Workstations and energy consumption

17 September 2008

With energy prices skyrocketing it has never been more important to look at how much energy your workstation eats up, writes Greg

Last week i received an electricity bill that had British Gas shareholders laughing all the way to the bank. For the past few months I’ve been working from home a lot, so expected an increase, but not a quarterly bill that tipped over three figures quite so easily. .

June, July and August is summer (allegedly, at least), so I haven’t been using central heating or lights and two cups of tea a day are hardly going to pile on the kilowatt hours. So that got me thinking, “what is chewing through all this electricity?” It has to be the very device I’m using to write this article: the humble workstation. It’s on from dawn ‘til dusk; it’s got a whopping great processor, a powerful professional graphics card and two high performance hard drives. And while Microsoft Word doesn’t exactly tax my machine, Photoshop, InDesign and CAD certainly get it all hot and bothered throughout the day.

I’ve been guilty of turning off the energy saving features in Windows, simply because it annoys me when I have to wake up my workstation

So how much power does a workstation use? Not surprisingly, it depends on the components inside, and one of the biggest consumers of energy is the CPU (Central Processing Unit). Instead of power consumption, chips are rated according to their Thermal Design Power (TDP), which is actually the amount of power the cooling system in a computer is required to dissipate.

To put this into perspective, my 3.8GHz Intel Pentium 4 has a TDP of 115W, while a modern Intel Core 2 Duo processor, which is not only faster, but features two processors, has a TDP of only 65W.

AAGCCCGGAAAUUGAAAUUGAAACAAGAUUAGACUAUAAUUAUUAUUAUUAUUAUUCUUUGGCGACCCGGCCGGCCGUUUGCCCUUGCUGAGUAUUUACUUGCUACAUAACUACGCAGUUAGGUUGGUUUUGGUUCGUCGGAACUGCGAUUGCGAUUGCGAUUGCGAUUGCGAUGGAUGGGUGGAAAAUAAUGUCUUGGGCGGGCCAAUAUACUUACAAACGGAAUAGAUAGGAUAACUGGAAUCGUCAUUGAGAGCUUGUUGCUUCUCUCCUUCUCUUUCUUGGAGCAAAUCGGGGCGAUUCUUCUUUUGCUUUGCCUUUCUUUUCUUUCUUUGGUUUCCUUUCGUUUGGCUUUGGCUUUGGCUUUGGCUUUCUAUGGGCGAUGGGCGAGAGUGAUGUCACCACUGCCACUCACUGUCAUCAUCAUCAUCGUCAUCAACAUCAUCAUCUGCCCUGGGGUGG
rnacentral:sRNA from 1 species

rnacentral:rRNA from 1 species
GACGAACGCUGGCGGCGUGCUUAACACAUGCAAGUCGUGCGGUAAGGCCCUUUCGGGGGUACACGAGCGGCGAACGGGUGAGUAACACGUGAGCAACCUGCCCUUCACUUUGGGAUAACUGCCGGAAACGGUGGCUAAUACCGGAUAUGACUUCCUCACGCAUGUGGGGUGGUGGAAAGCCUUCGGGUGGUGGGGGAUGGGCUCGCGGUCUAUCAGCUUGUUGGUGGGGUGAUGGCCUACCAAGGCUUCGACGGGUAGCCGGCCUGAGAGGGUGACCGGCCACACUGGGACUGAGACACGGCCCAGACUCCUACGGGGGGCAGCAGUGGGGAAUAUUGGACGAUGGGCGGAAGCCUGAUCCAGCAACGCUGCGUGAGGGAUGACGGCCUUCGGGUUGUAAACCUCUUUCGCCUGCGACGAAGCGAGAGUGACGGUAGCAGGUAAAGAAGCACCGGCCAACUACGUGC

It’s not until you get into Quad Core territory that modern CPUs start to consume as much power as my 3.8GHz Pentium 4 and even then that’s only when all four cores are working flat out, which in most cases isn’t that often.

Graphics cards also do their bit in clocking up the kilowatt hours. In fact some of the most powerful cards can consume more power than CPUs. The latest Quadro FX boards from Nvidia are very power efficient at the low- to mid-range of the market, with a maximum power consumption of around 40W, but ultra high-end cards, such as the FX 5600 can consume as much as 170W when working flat out. That’s as much as a typical solar panel can produce at peak – and we’re talking Dubai, not Dublin here.

Lots of power can also be lost in getting electricity to your workstation. Older power supply units (PSUs) are much less efficient, sometimes in the realms of 60% efficient. So if the components inside your workstation need 250W, your power supply will have to draw 420W of electricity from the plug socket, giving off a whopping 170W in heat.

The good news is that modern PSUs are much more energy efficient and most manufacturers including Dell and HP fit ‘80 PLUS’ certified units as standard. The ‘80 PLUS’ logo certifies that PSUs have more than 80% energy efficiency, which means for a workstation that requires 250W, it will only draw around 310W at the socket, giving off 60W in heat. That’s a saving of 110W - a sunny day in Cornwall, by my rule of thumb measurements.

Finally, it’s also worth noting that CRTs can use up to four times as much power as a flat panel monitor of the same size. Luckily this is one area in which I do save money.